- Poster presentation
- Open Access
Subtype-specific differences in human immunodeficiency virus type 1 co-receptor usage in Northern Kenya
© Kingoo et al; licensee BioMed Central Ltd. 2012
- Published: 13 September 2012
- Human Immunodeficiency Virus Type
- Macrophage Tropism
- Prism Genetic Analyzer
- Syncytium Induce
- CXCR4 Usage
HIV-1 phenotype variability plays an important role in HIV-1 transmission and pathogenesis of AIDS. The basis of heterogeneity between the phenotypes is known to be the differential use of chemokine receptors as co-receptors for viral entry. Beta Chemokine receptor-5 (CCR5) using variants are associated with acute infections, macrophage tropism, non syncytium inducing (NSI) phenotype and slow progression to AIDS. Alpha chemokine receptor-4 (CXCR4) using variants evolve later in infection in about 50 % of the patients and are associated with T cell lines tropism, syncytium induction, accelerated T cell depletion and Rapid progression to AIDS. HIV-1 co-receptor usage and phenotypes are mapped in the third variable region (V3) of the gp120 env gene.
One hundred and thirty five (135) whole blood samples were collected from HIV-1 infected patients in Northern Kenya. Proviral DNA was extracted using DNazol and ethanol precipitation. HIV-1 V3 region was amplified by nested PCR using C2V3 primers. Amplicons were sequenced directly using Big Dye technology in the ABI Prism Genetic Analyzer to generate gp120 V3 loop sequences. Bioinformatics tools were used to determine co-receptor usage from the sequences obtained.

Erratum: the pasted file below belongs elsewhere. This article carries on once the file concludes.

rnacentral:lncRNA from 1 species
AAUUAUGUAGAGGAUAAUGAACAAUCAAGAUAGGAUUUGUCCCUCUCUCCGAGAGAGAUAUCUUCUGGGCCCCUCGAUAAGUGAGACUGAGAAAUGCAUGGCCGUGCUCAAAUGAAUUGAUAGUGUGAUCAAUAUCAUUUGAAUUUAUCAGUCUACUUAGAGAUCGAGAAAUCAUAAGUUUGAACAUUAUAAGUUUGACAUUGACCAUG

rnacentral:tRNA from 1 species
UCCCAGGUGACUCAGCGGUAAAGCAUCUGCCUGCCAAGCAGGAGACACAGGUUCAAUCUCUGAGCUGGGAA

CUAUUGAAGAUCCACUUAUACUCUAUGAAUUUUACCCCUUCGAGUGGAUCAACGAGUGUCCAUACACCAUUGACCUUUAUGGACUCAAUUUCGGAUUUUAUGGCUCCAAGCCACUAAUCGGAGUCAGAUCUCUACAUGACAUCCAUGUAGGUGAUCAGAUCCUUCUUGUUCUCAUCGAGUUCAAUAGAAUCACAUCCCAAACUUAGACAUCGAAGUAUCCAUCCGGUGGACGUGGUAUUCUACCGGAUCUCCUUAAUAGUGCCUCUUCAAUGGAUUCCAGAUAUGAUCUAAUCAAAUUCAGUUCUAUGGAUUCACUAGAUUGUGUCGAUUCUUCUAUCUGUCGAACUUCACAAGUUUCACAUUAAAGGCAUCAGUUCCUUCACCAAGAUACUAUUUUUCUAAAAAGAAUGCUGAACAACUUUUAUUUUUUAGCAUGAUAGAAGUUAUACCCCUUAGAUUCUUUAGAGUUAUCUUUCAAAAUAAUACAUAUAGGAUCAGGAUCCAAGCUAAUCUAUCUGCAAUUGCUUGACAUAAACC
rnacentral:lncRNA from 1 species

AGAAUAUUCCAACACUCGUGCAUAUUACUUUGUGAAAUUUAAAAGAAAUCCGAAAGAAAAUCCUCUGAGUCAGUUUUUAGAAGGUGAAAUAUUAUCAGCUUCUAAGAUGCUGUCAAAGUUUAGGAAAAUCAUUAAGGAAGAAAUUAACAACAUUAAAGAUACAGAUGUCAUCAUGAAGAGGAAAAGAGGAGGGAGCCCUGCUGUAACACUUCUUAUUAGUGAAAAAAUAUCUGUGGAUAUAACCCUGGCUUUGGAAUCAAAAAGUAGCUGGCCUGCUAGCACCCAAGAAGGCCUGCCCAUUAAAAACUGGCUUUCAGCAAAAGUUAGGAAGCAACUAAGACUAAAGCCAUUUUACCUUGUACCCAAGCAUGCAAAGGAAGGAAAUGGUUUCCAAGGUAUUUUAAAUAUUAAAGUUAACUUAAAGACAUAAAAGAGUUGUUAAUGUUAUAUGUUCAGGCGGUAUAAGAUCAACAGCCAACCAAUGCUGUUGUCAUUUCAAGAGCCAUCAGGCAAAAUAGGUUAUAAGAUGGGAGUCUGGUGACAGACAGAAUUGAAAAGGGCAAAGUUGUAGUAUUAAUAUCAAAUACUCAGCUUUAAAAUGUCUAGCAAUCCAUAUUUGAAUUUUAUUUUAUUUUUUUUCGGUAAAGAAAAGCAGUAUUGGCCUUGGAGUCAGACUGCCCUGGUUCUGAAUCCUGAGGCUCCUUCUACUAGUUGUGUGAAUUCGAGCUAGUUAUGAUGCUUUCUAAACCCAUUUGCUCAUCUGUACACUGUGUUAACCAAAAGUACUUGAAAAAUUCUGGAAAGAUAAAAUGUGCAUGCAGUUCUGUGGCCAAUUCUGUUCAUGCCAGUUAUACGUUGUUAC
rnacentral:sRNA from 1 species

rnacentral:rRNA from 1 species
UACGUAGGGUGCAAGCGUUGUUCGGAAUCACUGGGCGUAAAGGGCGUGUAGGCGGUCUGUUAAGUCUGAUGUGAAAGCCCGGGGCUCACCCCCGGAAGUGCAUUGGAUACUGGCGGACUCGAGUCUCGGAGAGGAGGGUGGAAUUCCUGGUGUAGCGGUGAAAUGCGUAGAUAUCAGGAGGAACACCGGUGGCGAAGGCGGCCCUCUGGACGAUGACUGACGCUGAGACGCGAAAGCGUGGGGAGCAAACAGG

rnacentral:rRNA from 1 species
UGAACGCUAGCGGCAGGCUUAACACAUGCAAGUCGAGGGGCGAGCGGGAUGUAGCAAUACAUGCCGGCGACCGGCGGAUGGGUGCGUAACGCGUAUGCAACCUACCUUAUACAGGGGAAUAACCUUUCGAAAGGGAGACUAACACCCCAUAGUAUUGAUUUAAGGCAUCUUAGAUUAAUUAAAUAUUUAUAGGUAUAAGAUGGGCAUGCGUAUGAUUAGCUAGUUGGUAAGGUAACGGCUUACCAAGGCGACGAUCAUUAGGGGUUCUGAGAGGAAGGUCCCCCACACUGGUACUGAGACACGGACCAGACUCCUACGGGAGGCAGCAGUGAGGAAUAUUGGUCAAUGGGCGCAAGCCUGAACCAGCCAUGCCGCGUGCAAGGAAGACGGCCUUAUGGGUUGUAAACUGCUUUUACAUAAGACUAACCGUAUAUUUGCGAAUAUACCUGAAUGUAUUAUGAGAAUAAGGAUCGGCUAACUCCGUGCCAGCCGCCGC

CXCR4 usage was most dominant with 94 out of 135 samples(69.6 %) using this co-receptor compared to CCR5 which was used by 29 of the 135 (21.8 %) samples and dual co-receptor usage found in 12 of the 135(8.6%)samples tested.
Most patients were inferred to be in late stages of infection and likely to be rapidly progressing to AIDS. Based on these results from co-receptor usage data, HIV-1 incidence rate was likely to be low. Co-receptor usage was observed to be associated with HIV-1 subtypes. Poor alignment of the Northern Kenya sequences with the training data for the classifier software necessitates the need for development of Bioinformatic software relevant for locally circulating HIV-1 subtypes.
This article is published under license to BioMed Central Ltd. This is an Open Access article distributed under the terms of the Creative Commons Attribution License (http://creativecommons.org/licenses/by/2.0), which permits unrestricted use, distribution, and reproduction in any medium, provided the original work is properly cited.